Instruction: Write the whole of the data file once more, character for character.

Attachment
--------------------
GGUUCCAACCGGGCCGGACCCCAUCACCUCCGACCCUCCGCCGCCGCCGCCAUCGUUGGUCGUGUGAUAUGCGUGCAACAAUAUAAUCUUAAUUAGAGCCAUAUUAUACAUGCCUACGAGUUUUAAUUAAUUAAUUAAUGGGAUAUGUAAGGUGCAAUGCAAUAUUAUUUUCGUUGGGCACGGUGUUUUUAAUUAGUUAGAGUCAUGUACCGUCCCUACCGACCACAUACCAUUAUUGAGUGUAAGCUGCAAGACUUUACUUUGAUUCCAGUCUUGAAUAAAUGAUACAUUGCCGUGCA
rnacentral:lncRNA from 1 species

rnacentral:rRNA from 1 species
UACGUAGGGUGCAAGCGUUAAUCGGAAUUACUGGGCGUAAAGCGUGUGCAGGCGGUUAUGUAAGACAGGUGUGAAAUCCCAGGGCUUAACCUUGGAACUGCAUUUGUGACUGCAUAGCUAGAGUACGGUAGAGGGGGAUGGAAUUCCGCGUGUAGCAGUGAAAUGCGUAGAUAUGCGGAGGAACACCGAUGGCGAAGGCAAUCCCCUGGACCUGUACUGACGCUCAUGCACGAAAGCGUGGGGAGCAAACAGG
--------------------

GGUUCCAACCGGGCCGGACCCCAUCACCUCCGACCCUCCGCCGCCGCCGCCAUCGUUGGUCGUGUGAUAUGCGUGCAACAAUAUAAUCUUAAUUAGAGCCAUAUUAUACAUGCCUACGAGUUUUAAUUAAUUAAUUAAUGGGAUAUGUAAGGUGCAAUGCAAUAUUAUUUUCGUUGGGCACGGUGUUUUUAAUUAGUUAGAGUCAUGUACCGUCCCUACCGACCACAUACCAUUAUUGAGUGUAAGCUGCAAGACUUUACUUUGAUUCCAGUCUUGAAUAAAUGAUACAUUGCCGUGCA
rnacentral:lncRNA from 1 species

rnacentral:rRNA from 1 species
UACGUAGGGUGCAAGCGUUAAUCGGAAUUACUGGGCGUAAAGCGUGUGCAGGCGGUUAUGUAAGACAGGUGUGAAAUCCCAGGGCUUAACCUUGGAACUGCAUUUGUGACUGCAUAGCUAGAGUACGGUAGAGGGGGAUGGAAUUCCGCGUGUAGCAGUGAAAUGCGUAGAUAUGCGGAGGAACACCGAUGGCGAAGGCAAUCCCCUGGACCUGUACUGACGCUCAUGCACGAAAGCGUGGGGAGCAAACAGG